An inventory is a detailed list of the possessions of a deceased person. It rarely included land in the early days as this did not come under the auspices of the ecclesiastical courts. The list was produced soon after death, usually by someone with an interest in the estate, often by a neighbour and occasionally by an expert, particularly where specialist trade knowledge was required. When the inventory was completed, it was signed by witnesses and returned to the court where the executor or administrator swore that it was a ‘true and accurate’ valuation of the estate. The process was designed to ensure the honesty of the executor or administrator.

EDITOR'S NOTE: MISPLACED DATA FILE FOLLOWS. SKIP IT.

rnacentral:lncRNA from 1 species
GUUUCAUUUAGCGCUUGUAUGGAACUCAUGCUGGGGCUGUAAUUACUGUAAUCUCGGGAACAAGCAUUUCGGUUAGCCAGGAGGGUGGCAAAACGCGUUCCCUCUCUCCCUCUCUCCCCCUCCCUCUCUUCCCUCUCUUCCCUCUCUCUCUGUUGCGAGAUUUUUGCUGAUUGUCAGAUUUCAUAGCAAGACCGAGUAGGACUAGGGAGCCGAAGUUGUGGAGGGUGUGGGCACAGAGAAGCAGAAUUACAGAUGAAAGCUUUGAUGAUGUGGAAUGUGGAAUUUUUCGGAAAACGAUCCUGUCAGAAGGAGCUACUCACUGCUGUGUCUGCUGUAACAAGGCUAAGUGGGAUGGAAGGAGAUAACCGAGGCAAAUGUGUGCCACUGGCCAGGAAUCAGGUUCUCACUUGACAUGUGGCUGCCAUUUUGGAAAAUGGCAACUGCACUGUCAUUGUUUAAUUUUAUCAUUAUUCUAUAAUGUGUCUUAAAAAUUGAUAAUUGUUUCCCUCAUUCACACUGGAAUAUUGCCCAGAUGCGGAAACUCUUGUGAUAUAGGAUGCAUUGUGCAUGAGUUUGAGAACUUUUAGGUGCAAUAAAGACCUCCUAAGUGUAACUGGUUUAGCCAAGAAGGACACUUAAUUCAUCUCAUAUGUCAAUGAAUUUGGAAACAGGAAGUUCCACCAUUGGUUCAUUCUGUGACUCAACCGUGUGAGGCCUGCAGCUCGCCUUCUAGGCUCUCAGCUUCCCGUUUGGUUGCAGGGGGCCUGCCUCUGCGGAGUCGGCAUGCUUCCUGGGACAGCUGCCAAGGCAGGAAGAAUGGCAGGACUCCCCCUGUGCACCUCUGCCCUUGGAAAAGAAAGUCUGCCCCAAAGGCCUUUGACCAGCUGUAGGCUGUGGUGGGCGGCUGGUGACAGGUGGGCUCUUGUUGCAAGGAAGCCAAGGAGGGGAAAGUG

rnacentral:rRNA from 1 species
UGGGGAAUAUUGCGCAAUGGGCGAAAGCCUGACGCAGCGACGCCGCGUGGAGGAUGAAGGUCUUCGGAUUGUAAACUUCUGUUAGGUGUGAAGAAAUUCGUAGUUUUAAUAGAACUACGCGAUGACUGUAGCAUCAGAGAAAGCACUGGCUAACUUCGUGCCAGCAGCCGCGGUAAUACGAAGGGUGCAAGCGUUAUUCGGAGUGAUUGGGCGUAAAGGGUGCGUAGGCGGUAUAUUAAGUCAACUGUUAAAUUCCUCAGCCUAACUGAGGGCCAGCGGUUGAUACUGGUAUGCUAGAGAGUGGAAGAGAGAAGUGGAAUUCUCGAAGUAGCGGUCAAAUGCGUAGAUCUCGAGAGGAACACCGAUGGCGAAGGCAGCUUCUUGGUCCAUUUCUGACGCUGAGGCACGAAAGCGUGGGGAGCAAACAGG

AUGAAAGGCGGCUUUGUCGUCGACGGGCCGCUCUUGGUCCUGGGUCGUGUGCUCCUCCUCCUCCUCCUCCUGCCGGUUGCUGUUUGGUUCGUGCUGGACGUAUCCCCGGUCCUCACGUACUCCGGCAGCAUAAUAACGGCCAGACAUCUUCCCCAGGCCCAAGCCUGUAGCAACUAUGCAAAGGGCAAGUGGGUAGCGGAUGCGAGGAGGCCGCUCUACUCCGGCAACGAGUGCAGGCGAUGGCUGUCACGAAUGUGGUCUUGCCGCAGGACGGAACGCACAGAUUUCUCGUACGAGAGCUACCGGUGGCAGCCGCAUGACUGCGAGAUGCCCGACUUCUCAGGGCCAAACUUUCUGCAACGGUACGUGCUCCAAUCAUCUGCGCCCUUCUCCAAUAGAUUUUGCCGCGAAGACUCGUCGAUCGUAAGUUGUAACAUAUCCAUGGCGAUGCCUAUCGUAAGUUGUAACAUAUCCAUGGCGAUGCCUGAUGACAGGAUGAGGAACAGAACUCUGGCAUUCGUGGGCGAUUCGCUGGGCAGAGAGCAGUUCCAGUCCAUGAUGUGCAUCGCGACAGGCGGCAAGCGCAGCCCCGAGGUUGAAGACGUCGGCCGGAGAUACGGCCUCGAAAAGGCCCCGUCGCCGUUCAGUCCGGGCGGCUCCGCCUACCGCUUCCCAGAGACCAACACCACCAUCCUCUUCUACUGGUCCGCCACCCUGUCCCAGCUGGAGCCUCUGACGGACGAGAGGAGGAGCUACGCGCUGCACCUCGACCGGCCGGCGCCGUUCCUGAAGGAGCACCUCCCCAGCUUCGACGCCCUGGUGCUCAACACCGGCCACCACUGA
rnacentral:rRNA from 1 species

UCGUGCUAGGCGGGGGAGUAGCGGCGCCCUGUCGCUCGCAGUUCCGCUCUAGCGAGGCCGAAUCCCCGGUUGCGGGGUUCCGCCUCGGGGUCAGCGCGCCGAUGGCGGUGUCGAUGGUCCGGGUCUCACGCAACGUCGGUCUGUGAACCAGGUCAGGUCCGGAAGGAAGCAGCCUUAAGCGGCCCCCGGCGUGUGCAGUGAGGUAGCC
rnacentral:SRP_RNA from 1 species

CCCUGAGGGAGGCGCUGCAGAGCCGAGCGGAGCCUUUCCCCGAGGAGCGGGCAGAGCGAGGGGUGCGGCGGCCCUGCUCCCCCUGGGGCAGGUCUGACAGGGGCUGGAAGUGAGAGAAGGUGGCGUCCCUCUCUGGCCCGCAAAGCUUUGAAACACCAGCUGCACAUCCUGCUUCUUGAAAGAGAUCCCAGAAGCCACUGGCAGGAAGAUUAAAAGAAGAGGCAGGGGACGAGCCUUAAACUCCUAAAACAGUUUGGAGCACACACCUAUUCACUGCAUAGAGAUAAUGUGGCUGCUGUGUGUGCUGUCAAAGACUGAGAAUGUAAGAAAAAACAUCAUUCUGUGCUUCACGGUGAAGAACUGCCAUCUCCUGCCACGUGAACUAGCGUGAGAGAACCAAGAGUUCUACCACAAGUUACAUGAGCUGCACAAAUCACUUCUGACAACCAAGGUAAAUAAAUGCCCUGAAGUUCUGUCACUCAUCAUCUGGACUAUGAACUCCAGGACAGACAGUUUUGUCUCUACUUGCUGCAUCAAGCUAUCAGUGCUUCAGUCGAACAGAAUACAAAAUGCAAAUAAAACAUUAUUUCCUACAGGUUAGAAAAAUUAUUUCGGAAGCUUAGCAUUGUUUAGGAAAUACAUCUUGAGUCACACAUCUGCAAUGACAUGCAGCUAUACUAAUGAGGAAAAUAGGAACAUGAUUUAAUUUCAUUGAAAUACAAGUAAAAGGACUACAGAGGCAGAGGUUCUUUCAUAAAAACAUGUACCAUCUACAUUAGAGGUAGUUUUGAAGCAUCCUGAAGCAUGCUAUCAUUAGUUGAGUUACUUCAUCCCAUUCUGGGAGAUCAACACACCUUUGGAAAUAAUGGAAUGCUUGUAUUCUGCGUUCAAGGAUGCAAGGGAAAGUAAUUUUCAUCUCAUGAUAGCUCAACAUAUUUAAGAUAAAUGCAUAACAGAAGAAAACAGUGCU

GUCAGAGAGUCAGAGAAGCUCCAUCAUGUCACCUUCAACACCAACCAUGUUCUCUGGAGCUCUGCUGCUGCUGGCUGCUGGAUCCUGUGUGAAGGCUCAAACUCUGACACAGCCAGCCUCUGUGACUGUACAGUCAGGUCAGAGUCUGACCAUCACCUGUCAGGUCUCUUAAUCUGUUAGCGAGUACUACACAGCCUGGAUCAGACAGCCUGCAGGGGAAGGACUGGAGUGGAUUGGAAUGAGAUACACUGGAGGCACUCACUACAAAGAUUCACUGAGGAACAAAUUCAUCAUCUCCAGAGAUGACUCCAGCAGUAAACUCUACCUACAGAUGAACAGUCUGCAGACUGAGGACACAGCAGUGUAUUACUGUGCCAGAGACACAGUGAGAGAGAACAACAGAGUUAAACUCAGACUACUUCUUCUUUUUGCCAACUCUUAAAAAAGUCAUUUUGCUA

The inventory may include:
- the name and parish of the deceased
- the date the inventory was made
- a detailed, room-by-room list of the contents of the property including furniture, inen, kitchen utensils, etc.
- the clothes belonging to the deceased
- the money he had in his purse
- any stock or equipment owned by the deceased for his trade
- any money owed to the deceased
- the names and signatures of the appraisers
An inventory gives added detail about a person’s lifestyle and can be very informative.
Inventories included here:
- Button Gwinnett, 1777